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Business Class with Singapore Airlines, September 2010.

September 26, 2010

The Business Class experience begins first, of course, at the Silver Kris Business Class lounge at Changi Terminal 3. The range of wines is nothing to shout about, really, but nonetheless, they mandate routine assessment. The 2007 Yalumba unwooded chardonnay is not unfamiliar, being the solitary white at the lounge for quite some time. Pale lemon color, showing some decent fragrance on the nose with steely minerality on the palate, simple and straightforward, ending in a slightly peppery finish. I didn’t bother with the Chilean red, going straight for a small pour of the 2008 Rubio San Polo Montalcino, showing a fairly deep red but not revealing much on the nose. Medium-bodied, soft, obviously made in an easy drinking style with just enough fruit to cover the alcohol without any lasting intensity.

On board SQ352/351 (Boeing 777-200, which doesn’t carry the ER Business Class seats) return trip to Copenhagen, there was a choice of champagne between the ubiquitous Charles Hiedsieck (which I avoided) and the Bollinger Special Cuvee NV, which I took. Light golden. Enticing nose of malt, rye, vanilla, maple and toasty oak, rich in minerality, conveying a sense of depth. Almost has a creamy texture. But it was disjointed on the palate, being too dry. A letdown. Next, I had the 2007 Clos Philippe Le Hardi Bourgogne Hautes Cotes De Beaune Monopole to go with the scallops. Pale yellow. Highly promising on the nose, suggesting a medium-bodied wine with vibrant acidity and substantial minerality, but it was rather slender on the palate. No doubt quite elegant, but it could do with more fullness on the fruit, coming across as rather one-dimensional. The alternative white, a 2008 Dr Loosen riesling, was rather restrained on the nose, a light-weight wine with just adequate levels of fruit with tropical notes and just a hint of sweetness. This wine could certainly do with more body, I feel.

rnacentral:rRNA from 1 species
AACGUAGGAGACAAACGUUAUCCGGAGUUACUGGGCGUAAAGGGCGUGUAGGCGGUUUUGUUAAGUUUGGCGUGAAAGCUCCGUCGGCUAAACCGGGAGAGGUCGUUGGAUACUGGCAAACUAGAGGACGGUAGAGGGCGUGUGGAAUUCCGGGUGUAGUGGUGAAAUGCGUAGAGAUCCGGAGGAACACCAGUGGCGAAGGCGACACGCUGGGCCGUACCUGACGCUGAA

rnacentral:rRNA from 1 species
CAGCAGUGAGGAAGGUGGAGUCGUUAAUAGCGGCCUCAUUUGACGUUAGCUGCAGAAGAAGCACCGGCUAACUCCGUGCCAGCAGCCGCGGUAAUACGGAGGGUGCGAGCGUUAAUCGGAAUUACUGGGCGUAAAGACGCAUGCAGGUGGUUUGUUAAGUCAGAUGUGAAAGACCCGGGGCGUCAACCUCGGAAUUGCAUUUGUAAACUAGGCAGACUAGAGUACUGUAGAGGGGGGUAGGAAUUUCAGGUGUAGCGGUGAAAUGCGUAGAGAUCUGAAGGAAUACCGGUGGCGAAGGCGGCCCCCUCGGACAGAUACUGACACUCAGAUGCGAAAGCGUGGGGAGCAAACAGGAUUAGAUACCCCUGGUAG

I had both reds to go with the beef short-rib (and the penne pasta on the return trip). The beef was nice, but you wouldn’t have known that it was conjured specially for SIA by Gordon Ramsay. The 2005 Ch Lacombe-Noaillac, from the Medoc, was dark red, showing lovely fruit, ripe dark berries laced with a tinge of sweetness and layered with cassis and cedar, carrying reasonable weight. Surprisingly good. No doubt the outstanding vintage accounted for much of the quality. It seems the lesser growths of 2005 are beginning to enter their drinking windows. The 2007 Allegrini Valpolicelia Superiore, from Verona, very deep red, was substantially heavier than the Bordeaux, fairly dense with a gravelly quality, with elements of earth, licorice and plums. Lacking in real depth, and not quite interesting enough, I’m afraid. The 2005 Offley LBV Port that concluded the wine selection, deep purple in color, contained a strong medicinal quality with some hollowness towards the finish. It could do with more stuffing and certainly cannot be compared with a Warre. What happened to the good ol’ Dow?

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